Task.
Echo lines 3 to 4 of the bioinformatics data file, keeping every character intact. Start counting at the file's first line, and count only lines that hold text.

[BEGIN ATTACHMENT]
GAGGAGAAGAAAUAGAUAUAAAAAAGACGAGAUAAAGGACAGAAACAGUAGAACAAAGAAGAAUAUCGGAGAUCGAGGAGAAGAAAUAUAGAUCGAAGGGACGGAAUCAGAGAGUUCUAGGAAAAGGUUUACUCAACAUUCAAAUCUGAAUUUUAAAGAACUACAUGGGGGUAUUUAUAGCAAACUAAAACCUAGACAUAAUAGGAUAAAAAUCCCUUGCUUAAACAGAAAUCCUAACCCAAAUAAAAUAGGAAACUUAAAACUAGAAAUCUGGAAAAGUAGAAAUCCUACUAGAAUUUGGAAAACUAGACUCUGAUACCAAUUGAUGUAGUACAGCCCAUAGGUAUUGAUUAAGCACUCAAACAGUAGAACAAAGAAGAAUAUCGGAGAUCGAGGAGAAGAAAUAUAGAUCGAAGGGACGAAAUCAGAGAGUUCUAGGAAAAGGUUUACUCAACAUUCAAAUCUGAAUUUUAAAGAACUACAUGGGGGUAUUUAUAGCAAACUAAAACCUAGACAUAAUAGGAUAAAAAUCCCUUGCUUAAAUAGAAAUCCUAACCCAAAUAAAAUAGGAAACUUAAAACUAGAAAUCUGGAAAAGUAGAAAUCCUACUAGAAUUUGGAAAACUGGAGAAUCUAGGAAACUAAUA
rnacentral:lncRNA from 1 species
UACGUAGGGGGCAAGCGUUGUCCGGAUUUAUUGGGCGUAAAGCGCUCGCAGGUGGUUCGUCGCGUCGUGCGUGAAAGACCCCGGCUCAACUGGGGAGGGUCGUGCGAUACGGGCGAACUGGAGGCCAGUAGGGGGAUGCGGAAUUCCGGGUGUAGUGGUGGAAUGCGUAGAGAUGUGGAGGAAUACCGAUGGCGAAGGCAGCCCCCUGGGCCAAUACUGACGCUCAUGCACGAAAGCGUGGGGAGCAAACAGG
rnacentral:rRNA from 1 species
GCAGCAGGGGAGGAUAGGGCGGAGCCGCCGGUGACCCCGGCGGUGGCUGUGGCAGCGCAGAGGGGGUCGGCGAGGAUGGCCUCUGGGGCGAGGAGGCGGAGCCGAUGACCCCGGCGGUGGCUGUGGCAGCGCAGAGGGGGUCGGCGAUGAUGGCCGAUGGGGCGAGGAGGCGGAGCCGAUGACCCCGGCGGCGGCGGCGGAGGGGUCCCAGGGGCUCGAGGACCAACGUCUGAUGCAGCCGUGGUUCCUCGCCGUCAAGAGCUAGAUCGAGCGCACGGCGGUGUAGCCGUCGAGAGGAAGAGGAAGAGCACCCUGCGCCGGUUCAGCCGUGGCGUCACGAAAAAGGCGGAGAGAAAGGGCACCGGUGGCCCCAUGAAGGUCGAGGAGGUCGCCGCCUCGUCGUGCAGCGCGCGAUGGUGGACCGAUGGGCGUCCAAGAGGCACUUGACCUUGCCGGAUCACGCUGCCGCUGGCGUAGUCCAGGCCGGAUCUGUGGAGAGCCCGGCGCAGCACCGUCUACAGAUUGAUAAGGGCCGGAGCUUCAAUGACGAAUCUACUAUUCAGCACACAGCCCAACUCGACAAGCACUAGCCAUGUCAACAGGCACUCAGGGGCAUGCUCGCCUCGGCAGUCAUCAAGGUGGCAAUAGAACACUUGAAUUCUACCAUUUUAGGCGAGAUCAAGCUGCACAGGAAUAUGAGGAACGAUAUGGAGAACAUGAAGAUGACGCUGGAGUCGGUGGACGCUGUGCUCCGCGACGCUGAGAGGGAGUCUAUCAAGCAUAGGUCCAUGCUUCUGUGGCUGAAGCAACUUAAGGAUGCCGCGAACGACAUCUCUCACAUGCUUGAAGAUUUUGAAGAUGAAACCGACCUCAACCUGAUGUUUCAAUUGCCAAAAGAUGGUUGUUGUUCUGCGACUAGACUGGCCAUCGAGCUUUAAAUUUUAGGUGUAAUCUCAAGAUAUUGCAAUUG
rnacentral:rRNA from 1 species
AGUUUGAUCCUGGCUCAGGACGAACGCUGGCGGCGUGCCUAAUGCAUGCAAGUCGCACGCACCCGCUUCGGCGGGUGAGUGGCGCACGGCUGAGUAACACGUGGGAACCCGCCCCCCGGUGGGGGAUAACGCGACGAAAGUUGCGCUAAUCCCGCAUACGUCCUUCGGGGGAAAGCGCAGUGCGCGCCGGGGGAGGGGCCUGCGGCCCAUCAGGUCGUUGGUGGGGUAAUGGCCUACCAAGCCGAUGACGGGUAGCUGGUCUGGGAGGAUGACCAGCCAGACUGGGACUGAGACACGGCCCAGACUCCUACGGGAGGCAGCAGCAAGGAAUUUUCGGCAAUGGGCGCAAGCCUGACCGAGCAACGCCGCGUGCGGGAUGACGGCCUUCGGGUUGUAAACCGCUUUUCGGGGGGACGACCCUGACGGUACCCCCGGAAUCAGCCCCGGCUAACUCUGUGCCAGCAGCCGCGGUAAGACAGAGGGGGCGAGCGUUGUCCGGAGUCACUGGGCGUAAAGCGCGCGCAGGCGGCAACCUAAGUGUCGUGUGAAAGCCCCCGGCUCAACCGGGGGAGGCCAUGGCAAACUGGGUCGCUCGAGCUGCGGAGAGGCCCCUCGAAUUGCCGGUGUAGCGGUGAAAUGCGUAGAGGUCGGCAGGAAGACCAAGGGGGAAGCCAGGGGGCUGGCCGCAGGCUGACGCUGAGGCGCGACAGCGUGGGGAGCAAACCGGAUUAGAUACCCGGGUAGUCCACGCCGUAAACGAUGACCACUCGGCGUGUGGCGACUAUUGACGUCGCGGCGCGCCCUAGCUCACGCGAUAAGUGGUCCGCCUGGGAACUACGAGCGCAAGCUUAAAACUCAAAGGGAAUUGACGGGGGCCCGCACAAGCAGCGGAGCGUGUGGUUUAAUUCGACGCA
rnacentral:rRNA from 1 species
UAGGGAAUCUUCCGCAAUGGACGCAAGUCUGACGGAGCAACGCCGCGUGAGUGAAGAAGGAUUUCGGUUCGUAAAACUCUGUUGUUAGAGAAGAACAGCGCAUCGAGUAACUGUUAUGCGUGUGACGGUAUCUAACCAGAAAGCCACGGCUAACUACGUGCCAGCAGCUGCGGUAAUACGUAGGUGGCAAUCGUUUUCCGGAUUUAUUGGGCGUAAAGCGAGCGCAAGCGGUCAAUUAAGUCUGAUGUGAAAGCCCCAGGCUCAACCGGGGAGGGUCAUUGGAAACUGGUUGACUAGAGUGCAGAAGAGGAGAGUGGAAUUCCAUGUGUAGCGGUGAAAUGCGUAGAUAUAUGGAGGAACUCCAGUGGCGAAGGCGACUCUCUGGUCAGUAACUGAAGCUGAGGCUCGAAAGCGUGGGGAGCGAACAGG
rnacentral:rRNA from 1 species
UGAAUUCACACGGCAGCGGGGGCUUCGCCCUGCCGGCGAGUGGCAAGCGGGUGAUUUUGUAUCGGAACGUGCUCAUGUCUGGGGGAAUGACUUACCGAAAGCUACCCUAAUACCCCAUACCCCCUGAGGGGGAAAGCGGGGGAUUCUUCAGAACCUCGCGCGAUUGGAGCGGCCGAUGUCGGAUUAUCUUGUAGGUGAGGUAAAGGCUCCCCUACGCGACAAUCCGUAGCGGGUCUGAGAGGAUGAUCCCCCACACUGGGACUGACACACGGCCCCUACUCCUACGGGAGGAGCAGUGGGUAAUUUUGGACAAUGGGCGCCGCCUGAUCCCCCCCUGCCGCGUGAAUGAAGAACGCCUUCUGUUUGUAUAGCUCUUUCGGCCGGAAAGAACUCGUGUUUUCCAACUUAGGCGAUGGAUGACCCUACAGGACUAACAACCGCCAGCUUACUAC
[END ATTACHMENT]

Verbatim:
UACGUAGGGGGCAAGCGUUGUCCGGAUUUAUUGGGCGUAAAGCGCUCGCAGGUGGUUCGUCGCGUCGUGCGUGAAAGACCCCGGCUCAACUGGGGAGGGUCGUGCGAUACGGGCGAACUGGAGGCCAGUAGGGGGAUGCGGAAUUCCGGGUGUAGUGGUGGAAUGCGUAGAGAUGUGGAGGAAUACCGAUGGCGAAGGCAGCCCCCUGGGCCAAUACUGACGCUCAUGCACGAAAGCGUGGGGAGCAAACAGG
rnacentral:rRNA from 1 species